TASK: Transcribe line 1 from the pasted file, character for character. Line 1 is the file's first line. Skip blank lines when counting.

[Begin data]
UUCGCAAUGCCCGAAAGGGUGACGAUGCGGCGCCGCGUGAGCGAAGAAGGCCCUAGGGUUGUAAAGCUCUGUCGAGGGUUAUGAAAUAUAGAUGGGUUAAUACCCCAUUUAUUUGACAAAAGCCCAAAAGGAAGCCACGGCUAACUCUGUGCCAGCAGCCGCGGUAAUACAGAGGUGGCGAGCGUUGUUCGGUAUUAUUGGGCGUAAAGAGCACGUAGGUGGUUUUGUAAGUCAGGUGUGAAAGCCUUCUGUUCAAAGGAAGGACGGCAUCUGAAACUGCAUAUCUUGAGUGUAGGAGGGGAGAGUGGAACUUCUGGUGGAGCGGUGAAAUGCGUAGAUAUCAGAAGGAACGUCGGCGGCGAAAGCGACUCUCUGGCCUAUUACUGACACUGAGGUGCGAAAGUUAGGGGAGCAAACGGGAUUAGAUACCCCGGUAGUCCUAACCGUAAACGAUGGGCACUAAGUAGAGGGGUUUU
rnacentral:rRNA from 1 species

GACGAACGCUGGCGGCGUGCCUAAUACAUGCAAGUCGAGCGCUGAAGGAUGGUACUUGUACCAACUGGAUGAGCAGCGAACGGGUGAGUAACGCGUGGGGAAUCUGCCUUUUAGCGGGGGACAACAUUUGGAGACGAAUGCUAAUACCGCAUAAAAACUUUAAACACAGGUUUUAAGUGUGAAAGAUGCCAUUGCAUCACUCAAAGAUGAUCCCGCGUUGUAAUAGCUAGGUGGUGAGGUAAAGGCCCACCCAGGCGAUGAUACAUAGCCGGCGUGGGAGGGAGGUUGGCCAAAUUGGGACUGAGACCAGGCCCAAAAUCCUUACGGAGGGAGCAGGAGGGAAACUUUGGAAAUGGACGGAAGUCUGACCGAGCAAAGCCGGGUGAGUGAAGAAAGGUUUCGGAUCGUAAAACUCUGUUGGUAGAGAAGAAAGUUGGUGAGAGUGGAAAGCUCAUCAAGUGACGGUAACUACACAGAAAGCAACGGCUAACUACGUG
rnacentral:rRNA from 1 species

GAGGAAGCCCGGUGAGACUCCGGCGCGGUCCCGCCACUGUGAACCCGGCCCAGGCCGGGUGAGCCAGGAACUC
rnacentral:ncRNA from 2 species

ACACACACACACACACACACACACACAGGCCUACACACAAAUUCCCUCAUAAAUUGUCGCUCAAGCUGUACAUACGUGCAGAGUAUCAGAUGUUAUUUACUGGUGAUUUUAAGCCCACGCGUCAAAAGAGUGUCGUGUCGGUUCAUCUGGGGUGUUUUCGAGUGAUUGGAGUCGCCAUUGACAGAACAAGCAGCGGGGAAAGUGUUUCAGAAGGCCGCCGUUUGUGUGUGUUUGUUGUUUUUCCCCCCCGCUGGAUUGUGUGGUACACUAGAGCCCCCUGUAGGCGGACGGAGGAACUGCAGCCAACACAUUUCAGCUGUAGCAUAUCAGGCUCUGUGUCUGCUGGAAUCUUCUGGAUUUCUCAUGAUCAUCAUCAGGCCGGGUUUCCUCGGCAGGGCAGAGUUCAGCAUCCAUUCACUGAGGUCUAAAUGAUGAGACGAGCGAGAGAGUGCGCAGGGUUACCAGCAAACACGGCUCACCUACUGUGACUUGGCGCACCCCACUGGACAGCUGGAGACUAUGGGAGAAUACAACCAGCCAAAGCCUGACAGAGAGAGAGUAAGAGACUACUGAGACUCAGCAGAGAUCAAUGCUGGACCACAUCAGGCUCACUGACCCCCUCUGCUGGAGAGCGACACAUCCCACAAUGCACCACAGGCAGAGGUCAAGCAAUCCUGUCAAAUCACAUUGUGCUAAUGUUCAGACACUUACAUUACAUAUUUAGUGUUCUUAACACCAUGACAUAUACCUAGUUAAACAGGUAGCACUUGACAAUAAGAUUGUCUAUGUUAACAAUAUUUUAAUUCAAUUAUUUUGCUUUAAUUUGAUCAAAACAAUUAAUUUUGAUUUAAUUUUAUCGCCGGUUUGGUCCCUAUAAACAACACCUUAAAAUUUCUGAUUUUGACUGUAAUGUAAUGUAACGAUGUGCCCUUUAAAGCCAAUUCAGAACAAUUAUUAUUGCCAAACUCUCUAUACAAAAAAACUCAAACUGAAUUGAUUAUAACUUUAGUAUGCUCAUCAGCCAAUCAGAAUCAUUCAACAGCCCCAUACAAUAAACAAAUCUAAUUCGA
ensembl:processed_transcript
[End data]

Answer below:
UUCGCAAUGCCCGAAAGGGUGACGAUGCGGCGCCGCGUGAGCGAAGAAGGCCCUAGGGUUGUAAAGCUCUGUCGAGGGUUAUGAAAUAUAGAUGGGUUAAUACCCCAUUUAUUUGACAAAAGCCCAAAAGGAAGCCACGGCUAACUCUGUGCCAGCAGCCGCGGUAAUACAGAGGUGGCGAGCGUUGUUCGGUAUUAUUGGGCGUAAAGAGCACGUAGGUGGUUUUGUAAGUCAGGUGUGAAAGCCUUCUGUUCAAAGGAAGGACGGCAUCUGAAACUGCAUAUCUUGAGUGUAGGAGGGGAGAGUGGAACUUCUGGUGGAGCGGUGAAAUGCGUAGAUAUCAGAAGGAACGUCGGCGGCGAAAGCGACUCUCUGGCCUAUUACUGACACUGAGGUGCGAAAGUUAGGGGAGCAAACGGGAUUAGAUACCCCGGUAGUCCUAACCGUAAACGAUGGGCACUAAGUAGAGGGGUUUU